COVID-19 has changed the tides of our economy. The recession will have a ripple effect, coming to wash over one of our more vulnerable workforces: the creative industries. As reported by the Creative Industries Federation, over 400,000 creative jobs could be lost, and a combined revenue drop of £1.5 billion a week in 2020 is expected.
Throughout lockdown, we have heard about this “cultural catastrophe” through a tsunami of gloomy headlines, colourful infographics and emboldened statistics with infinite zeros. As the many changes to the creative sector soaked in, I took a peek behind the numbers and caught up with a couple of London creators to see how they have been staying afloat during the pandemic.
Our first creator, Ayshe Zaifoglu of AZCAPTURES, is a photographer, videographer and brand owner. She has worked with notable brands — Puma, #Merky and Nando’s — and photographed prominent figures — Cardi B, Stormzy and Skepta. Ayshe founded a brand, mantra and community, ‘Pay Your Shooter’, which is focused on empowering creatives. Ayshe developed this sentiment with Nike; she was one of twenty London creators selected to design a shoe through the ‘Nike By You’ Workshop — the Speedlite AZ001-95.
Ayshe sporting her Pay Your Shooter socks and snazzy new Speedlite AZ001-95 Air Max trainers.
Our second creator, Yomi Sode, is a poet, curator and performer. Yomi was one of ten poets selected in 2016 to join The Complete Works, and one of three poets awarded the Jerwood Compton Poetry Fellowship in 2019. His play, COAT, sold out at the Roundhouse and toured the UK. Yomi founded two successful entertainment nights: ‘BoxedIN’ — a recurring spoken word event in Shoreditch, and ‘First Five’ — a live chat show interviewing fellow creatives. Yomi is currently working on his second play, WALTZ, a prequel-sequel to COAT.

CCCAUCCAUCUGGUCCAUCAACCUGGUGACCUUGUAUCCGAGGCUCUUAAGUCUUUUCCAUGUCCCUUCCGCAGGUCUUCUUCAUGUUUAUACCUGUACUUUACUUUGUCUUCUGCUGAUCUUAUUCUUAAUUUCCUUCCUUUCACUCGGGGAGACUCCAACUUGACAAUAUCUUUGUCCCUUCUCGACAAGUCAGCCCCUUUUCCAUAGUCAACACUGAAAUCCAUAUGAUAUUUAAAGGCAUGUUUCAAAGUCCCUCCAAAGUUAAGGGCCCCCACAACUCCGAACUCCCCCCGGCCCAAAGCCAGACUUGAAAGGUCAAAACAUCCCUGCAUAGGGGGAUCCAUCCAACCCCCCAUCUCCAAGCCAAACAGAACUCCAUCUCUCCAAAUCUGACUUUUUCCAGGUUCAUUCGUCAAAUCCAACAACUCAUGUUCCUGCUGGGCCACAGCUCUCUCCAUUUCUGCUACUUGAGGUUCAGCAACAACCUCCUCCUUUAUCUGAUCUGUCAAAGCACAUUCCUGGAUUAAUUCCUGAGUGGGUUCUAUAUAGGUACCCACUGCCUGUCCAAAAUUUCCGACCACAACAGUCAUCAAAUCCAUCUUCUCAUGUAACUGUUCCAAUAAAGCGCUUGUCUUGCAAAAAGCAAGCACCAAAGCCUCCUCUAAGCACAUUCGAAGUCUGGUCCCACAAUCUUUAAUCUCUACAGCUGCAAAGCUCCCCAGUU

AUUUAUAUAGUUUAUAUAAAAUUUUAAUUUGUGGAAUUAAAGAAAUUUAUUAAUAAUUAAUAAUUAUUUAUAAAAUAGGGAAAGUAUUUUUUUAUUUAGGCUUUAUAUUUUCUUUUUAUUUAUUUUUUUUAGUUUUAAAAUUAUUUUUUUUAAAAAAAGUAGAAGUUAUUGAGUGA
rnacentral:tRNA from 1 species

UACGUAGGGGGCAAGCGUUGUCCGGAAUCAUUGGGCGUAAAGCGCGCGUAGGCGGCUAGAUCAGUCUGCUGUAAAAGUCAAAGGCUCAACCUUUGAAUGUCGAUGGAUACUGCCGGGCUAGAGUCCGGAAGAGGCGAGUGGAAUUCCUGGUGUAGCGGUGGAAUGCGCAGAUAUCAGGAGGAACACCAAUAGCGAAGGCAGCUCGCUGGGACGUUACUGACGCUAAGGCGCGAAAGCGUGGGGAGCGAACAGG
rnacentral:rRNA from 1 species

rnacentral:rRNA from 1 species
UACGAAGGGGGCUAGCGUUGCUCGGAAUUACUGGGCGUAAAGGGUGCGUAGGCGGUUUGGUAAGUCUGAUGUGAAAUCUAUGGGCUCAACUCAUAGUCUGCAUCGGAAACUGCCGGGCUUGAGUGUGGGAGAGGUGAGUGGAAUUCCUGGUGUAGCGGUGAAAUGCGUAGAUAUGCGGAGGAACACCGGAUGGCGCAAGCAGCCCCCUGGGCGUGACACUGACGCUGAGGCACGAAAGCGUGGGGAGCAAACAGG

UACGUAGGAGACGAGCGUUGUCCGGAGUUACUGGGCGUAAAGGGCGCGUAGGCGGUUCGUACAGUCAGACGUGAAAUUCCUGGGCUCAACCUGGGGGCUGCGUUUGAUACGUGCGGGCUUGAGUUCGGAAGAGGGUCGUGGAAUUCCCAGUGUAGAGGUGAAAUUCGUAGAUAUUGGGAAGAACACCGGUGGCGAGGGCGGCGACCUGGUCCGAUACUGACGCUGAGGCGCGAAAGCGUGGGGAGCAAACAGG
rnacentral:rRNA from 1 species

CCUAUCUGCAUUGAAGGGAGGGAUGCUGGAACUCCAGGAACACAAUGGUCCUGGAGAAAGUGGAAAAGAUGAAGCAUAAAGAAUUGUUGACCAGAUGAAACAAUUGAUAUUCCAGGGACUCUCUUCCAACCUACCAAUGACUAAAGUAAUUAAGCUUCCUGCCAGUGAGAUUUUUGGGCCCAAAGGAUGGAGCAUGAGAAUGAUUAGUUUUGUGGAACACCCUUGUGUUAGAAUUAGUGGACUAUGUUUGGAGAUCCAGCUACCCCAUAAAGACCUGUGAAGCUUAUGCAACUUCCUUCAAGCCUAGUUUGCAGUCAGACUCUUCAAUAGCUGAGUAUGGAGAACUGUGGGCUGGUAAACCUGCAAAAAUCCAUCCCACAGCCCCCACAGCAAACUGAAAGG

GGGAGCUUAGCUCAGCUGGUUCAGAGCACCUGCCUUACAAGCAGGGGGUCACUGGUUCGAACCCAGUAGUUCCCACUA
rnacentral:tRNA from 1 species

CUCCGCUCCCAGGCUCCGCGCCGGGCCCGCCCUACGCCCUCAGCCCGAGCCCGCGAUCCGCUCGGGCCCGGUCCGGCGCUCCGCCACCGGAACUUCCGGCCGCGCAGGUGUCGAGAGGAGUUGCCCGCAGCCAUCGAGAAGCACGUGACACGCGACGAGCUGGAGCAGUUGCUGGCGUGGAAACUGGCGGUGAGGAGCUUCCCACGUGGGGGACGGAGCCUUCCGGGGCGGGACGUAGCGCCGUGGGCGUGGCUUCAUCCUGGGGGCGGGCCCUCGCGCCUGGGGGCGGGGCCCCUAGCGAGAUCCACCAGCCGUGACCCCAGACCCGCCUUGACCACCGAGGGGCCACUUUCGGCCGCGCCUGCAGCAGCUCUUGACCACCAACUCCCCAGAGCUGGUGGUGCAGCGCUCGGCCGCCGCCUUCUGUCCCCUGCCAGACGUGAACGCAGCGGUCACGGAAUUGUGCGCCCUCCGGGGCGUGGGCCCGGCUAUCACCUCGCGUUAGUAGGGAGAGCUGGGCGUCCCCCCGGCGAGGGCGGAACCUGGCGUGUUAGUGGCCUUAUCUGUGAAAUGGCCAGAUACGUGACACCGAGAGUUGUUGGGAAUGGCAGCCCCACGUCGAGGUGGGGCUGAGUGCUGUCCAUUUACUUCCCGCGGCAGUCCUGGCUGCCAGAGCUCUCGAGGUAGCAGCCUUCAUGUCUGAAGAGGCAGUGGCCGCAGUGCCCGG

Yomi Sode photographed by Gioncarlo Valentine.
Naturally, the sudden cancellation of events and subsequent loss of income took a toll on creators’ mental health. “There were weeks of hardly anything,” laments Ayshe, “In a time where so many industries flatlined, anxiety multiplied.” Ayshe was not deterred: “Through reading and journaling and speaking to others like me, I found peace over the panic that I didn’t have any work lined up, and let time do its thing.” The lockdown even acted as a refreshing break: “I learned to treat it like the summer holiday that I never really give myself.”
Yomi likewise spoke of his initial fear after a big contract was interrupted by lockdown, and his largest BoxedIN event scheduled at the Globe was cancelled, along with the launch of First Five at the Rich Mix. Yomi took some time to feel these losses, but quickly got back on his feet: “There’s a logical sense of how to move forward within the Nigerian community. There’s a resilience when it comes to Black people generally. After the third day, I was back on the phone.”
During lockdown, Ayshe sustained herself through video editing — a demand which fortunately increased as content moved to the web. “‘Editing’ basically translates to ‘being a secluded computer geek that works through the night’,” she jokes. “I managed to stay busy enough to support myself financially as the government didn’t feel it was necessary to provide me with any help.” Here Ayshe refers to the loopholes within the government’s ‘COVID-19 Self-Employment Income Support Scheme’ which deemed many freelancers ineligible, or left those who did comply with insufficient income. Such inadequate policy prompted the Creative Industries Federation to lobby Rishi Sunak with open letters calling for increased government support.